• Church policy had a wide range of means. One of them was ‘divide and conquer’, which worked on a number of levels. On the one hand, different religious congregations were played against each other; on the other hand, they were trying to turn members and leaders within congregations on each other. Moreover, in many cases, the punishment of disobedient or simply too active priests was made to be a task of those church leaders who were placed in their positions by the regime. That happened to the most iconic spiritual leaders of Hungarian Protestantism during the revolution, László Ravasz and László Pap as well. The retaliation mechanism did not use means of criminal law on them. They were pushed out of the leadership of the Church; however, as for the Reformed Church, the used various means of terror on secular members and priests in the countryside.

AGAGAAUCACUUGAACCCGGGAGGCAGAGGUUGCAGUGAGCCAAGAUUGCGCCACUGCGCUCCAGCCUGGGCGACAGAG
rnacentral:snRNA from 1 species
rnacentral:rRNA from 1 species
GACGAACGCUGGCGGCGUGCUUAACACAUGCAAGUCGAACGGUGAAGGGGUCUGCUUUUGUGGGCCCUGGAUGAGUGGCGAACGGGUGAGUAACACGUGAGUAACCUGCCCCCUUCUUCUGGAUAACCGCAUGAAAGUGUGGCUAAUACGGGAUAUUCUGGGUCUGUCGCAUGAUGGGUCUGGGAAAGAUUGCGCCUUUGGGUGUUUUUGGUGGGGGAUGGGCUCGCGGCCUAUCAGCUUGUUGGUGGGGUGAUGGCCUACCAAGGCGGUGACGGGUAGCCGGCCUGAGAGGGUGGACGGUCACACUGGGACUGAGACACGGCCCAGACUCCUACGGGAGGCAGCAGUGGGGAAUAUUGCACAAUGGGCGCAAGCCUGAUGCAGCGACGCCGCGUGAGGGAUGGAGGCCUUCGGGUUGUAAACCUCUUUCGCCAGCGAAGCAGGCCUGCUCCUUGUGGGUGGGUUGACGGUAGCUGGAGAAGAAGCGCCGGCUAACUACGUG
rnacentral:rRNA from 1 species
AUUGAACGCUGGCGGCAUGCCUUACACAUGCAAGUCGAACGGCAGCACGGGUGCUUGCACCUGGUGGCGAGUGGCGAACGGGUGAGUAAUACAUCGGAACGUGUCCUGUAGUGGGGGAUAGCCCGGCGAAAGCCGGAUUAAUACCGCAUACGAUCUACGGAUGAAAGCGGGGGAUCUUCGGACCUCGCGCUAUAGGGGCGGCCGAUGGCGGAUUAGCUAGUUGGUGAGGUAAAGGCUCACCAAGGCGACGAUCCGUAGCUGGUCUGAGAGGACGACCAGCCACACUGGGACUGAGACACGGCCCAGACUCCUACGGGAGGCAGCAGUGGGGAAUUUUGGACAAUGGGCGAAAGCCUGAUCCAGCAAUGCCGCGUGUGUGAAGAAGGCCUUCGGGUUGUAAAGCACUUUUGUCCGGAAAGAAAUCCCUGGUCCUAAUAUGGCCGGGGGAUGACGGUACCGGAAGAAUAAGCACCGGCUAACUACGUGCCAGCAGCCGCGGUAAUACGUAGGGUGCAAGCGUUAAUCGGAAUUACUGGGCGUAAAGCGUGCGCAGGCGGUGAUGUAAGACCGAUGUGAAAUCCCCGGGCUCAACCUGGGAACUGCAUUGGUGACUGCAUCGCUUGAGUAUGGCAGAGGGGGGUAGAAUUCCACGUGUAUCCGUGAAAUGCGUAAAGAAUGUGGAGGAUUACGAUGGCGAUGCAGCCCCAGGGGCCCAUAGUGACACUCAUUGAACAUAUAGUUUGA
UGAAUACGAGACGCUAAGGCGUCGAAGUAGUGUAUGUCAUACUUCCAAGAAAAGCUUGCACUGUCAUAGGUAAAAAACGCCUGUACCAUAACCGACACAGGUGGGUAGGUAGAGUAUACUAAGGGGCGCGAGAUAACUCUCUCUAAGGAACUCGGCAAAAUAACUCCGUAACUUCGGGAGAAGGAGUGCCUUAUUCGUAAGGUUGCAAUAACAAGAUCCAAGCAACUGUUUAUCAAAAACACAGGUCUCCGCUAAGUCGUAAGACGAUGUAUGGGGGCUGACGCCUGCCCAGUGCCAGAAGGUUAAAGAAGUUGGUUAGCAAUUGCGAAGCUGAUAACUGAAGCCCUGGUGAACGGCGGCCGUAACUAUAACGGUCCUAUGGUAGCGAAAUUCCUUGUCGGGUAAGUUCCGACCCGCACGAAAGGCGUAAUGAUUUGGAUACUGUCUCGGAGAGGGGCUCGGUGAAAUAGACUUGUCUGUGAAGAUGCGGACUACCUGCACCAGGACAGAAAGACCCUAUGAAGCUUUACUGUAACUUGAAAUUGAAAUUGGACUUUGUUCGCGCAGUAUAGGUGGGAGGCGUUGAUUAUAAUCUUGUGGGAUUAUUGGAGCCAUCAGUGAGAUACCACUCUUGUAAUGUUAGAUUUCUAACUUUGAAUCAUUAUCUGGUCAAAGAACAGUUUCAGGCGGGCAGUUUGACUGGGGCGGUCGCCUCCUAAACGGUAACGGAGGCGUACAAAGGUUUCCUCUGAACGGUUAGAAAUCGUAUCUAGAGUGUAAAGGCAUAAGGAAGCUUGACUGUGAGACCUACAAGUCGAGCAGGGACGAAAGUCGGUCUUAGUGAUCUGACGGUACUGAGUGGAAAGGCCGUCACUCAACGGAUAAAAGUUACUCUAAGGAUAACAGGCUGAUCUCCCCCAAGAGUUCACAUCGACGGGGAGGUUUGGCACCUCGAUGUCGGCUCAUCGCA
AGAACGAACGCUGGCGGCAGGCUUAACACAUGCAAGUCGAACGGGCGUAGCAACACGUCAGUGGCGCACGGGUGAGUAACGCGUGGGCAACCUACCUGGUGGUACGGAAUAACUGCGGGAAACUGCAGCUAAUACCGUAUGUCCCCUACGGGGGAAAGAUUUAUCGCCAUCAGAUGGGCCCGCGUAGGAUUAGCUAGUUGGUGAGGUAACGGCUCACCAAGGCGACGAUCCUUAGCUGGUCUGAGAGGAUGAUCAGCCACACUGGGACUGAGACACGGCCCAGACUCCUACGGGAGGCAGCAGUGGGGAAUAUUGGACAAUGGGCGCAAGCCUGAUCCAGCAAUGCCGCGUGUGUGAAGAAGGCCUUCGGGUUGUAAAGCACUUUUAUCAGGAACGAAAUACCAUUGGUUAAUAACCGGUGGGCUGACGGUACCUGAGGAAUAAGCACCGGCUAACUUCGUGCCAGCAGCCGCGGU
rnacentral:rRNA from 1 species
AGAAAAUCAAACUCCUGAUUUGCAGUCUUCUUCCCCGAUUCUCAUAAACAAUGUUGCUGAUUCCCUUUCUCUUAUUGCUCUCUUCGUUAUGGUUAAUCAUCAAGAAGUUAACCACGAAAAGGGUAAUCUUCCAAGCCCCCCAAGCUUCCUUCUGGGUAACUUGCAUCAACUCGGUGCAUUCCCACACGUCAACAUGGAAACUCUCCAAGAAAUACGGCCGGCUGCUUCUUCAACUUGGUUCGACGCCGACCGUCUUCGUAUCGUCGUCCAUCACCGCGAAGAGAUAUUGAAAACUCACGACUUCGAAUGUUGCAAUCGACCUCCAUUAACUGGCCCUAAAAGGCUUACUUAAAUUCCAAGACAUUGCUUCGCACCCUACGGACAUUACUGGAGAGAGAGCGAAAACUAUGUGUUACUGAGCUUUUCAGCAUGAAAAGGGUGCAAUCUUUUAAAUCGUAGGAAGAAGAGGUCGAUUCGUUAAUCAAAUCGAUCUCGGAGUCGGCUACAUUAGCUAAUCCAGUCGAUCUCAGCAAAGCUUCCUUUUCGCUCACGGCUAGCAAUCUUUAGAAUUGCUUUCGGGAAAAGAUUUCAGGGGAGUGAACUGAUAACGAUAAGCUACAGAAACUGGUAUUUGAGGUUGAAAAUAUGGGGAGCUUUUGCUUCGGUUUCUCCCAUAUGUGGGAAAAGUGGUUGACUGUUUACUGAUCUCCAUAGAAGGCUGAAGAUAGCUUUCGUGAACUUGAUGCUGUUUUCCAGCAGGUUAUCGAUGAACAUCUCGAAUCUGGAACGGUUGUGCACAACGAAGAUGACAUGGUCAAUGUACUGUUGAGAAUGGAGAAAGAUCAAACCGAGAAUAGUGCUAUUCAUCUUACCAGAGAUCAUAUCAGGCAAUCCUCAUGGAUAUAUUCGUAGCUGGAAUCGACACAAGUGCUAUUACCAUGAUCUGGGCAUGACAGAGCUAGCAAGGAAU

Extracts from the recollections of László Pap

“No-one remembered to spare a thought to how my family would make ends meet, how I would survive far from my family, in a place that two young pastors refused to accept in the summer of 1956. I did, because I wanted to prove that my loyalty to Christ and spiritual service does not only last as long as I hold the highest positions in the Church.”